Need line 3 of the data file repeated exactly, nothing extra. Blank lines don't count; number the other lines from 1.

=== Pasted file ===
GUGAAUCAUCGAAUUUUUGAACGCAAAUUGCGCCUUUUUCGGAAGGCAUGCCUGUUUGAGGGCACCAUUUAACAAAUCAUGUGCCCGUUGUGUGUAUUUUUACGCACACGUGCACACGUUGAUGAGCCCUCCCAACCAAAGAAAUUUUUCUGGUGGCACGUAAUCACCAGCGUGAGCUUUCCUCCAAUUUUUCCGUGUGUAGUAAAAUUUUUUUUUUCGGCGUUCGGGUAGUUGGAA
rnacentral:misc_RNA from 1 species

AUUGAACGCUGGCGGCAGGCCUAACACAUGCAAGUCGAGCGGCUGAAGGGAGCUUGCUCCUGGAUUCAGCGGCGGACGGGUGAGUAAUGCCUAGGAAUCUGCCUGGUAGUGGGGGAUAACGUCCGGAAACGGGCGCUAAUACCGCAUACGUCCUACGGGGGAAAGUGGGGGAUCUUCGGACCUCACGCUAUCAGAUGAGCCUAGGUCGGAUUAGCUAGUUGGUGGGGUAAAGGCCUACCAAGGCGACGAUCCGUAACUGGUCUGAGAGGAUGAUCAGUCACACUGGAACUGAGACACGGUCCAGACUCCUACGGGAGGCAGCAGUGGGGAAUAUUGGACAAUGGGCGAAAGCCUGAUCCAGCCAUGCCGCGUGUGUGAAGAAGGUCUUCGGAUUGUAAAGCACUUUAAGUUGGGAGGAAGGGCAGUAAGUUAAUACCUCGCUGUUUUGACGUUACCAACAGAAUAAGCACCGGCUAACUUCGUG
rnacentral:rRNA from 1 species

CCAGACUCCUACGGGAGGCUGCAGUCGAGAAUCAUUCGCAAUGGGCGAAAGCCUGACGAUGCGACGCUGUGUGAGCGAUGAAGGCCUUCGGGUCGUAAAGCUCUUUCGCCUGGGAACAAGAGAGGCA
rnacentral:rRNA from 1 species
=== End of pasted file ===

AUUGAACGCUGGCGGCAGGCCUAACACAUGCAAGUCGAGCGGCUGAAGGGAGCUUGCUCCUGGAUUCAGCGGCGGACGGGUGAGUAAUGCCUAGGAAUCUGCCUGGUAGUGGGGGAUAACGUCCGGAAACGGGCGCUAAUACCGCAUACGUCCUACGGGGGAAAGUGGGGGAUCUUCGGACCUCACGCUAUCAGAUGAGCCUAGGUCGGAUUAGCUAGUUGGUGGGGUAAAGGCCUACCAAGGCGACGAUCCGUAACUGGUCUGAGAGGAUGAUCAGUCACACUGGAACUGAGACACGGUCCAGACUCCUACGGGAGGCAGCAGUGGGGAAUAUUGGACAAUGGGCGAAAGCCUGAUCCAGCCAUGCCGCGUGUGUGAAGAAGGUCUUCGGAUUGUAAAGCACUUUAAGUUGGGAGGAAGGGCAGUAAGUUAAUACCUCGCUGUUUUGACGUUACCAACAGAAUAAGCACCGGCUAACUUCGUG